The second incident occurred in the later 1980s, while queueing outside a cinema in Perth to get one of the few remaining seats for an early screening of The Last Temptation of Christ. There were Christian demonstrators waving placards and hurling abuse at those queuing. They seemed to be the bland, non-descript fundamentalist variety, but I can’t be sure. One of these demonstrators, a middle-aged man with a florid face and stout build, started to shout at me, standing so close his spittle flew into my face, like those famous photos of drill sergeants intimidating raw recruits. I can’t recall now what he was shouting, but I put out my arm, palm forward to indicate the need for personal space. He responded by punching me in the face. This started a most unseemly melee, requiring police intervention. I have no doubt that it was not faith, conviction, or intellectual commitment that caused the demonstrators to demonstrate, or to resort to a physical form of intimidation. Instead I detect the influence of incitement to action by a sermoniser, couched as conveying the authority of god. Some self-appointed, fraudulent pastor, extorting tithes by preaching sinfulness and hellfire, but also hatred and the righteousness of punching people in the face for the temerity of wanting to see a film deemed blasphemous.
Theology remains the putrefying influence it has always been: the arrogance of a small group purporting to speak for god. Unaware of the arrogance in the proposition that an omniscient creator needs piss-ant people to do that, or even to suppose even people of substance and intellect could get this right.
I have been fortunate, so far, to have been spared the more odious forms of political totalitarianism, but I have certainly studied those forms, and find in them a unifying thread, whether it’s communism or fascism: theology. Not justified ecclesiastically, which is a post-messianic phase of indoctrination, but in the directly messianic sense, usually with a cult leader figure, who is presented as the messiah. If we look at the example of Stalin, an ex-seminarian, he was careful to cultivate himself as the sole arbiter of ‘correctness’ in thought and action; he is, in fact, the direct progenitor of contemporary political correctness. It was his sole power to correctly derive from Marxist-Leninist principles the correct interpretation, and the correct meanings for all things moving forward.
Like religion, Stalinism demanded and relied on blind faith. No critical thought could be admitted, except as evidence of subversion, the modern euphemism for heresy.
Those who rather fatuously argue that the Stalinist Soviet Union is the best example of ‘the evils of atheism’ are rendered witless by semantics, and incapable of simple observation of what is plainly visible. Atheism may have been doctrinally enunciated, but its exact opposite was enforced. Marx as god, Lenin as Jesus, and Stalin as the sole and living saint, doubling as the sainted ‘vicar of Lenin’.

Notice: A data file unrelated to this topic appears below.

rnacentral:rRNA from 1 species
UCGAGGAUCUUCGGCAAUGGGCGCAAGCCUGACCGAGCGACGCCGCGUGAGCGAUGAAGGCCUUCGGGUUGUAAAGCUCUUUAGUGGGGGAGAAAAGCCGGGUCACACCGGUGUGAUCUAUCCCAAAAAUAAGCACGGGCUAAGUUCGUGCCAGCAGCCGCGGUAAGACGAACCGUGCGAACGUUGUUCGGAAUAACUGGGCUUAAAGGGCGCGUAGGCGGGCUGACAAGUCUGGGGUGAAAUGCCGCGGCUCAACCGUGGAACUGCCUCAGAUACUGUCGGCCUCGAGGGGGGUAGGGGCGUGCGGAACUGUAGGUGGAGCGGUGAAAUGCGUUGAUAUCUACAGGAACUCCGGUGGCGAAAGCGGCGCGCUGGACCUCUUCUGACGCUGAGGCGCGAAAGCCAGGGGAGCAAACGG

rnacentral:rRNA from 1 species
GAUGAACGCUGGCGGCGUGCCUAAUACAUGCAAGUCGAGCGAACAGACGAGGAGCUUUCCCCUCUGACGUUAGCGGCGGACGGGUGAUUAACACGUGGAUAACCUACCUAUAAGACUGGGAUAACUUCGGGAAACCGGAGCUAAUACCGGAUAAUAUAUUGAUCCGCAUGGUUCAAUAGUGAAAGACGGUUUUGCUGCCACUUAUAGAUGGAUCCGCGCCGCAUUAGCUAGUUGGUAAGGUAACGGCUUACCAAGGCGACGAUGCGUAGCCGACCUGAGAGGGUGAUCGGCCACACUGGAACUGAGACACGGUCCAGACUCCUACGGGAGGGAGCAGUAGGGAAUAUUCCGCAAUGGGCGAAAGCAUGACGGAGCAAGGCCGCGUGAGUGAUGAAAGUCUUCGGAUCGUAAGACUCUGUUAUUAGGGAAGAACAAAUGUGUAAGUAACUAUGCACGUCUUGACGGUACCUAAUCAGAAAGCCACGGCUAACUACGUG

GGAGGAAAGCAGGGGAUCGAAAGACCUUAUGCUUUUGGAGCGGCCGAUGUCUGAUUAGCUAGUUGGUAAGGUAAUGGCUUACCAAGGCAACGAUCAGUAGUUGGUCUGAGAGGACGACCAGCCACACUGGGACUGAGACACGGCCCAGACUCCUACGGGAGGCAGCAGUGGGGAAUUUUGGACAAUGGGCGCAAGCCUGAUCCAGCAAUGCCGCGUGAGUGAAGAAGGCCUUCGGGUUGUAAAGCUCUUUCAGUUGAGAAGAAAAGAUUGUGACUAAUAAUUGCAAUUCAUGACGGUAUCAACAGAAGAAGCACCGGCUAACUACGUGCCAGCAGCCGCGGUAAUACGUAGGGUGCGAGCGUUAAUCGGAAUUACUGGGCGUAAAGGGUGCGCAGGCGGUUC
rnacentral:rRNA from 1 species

The important point of this observation for the present narrative is the recognition that religions can be secular, and that literalism in most analyses is equivalent to not analysing anything at all.
This was a personal realisation that came to me not as a startling insight, but as the gradual assimilation of many, many pieces of information over years of thinking, writing, and making previously unseen connections between what I had regarded as disparate pieces of information. I suppose you could call that the process of education and getting older. However, it is the organic nature of this realisation that made me believe that most other people must have come to similar conclusions by the time they were adults. Apparently not so. Or, perhaps, some grown people are not accurately described as adults.
Hopefully I have now explained the connection in my thinking between ecclesiastical and secular religion, and my understanding of the term ‘theology’ to relate, among other things, to the development and preaching of ideologies purporting to have a higher authority, usually derived in such a manner that this authority cannot be challenged rationally, and only rarely even by its own rules.
Now comes the harder part. Defining technical rationality in its contemporary context.
To approach this task, I propose three things that may be a little inconvenient for readers.
First, consider Friedrich August von Hayek’s 1983 definition of ‘weasel words’. In the now defunct Salisbury Review, Hayek proposed that prefixing any word with ‘social’ sucks the meaning out of the next word, the way a weasel sucks out the contents of an egg through a small hole in its shell, leaving an apparently intact but actually hollow and fragile crust. Thus, he implied, social justice is in fact not justice at all, but merely a hollow semantic tilt at it. Just as social welfare, conscience, or science are in fact not welfare, conscience or science. It’s a clever rhetorical dismissal of socialism, but it does propose a valid caution. When considering technical rationality, we should not be fooled into thinking that technical rules, including all those associated with the STEM fields, bestow an automatic mantle of rationality. They can be monstrous, irrational, or all other things besides, and they must be assessed to be these things individually, but not by their own logics. Those logics are not automatically anything at all until someone comes along to imbue them with some value or meaning. Rationality, though, stands separate to, and unimpeachable by, any technical rule-set, as a humanist and undefinable set of principles in its own right.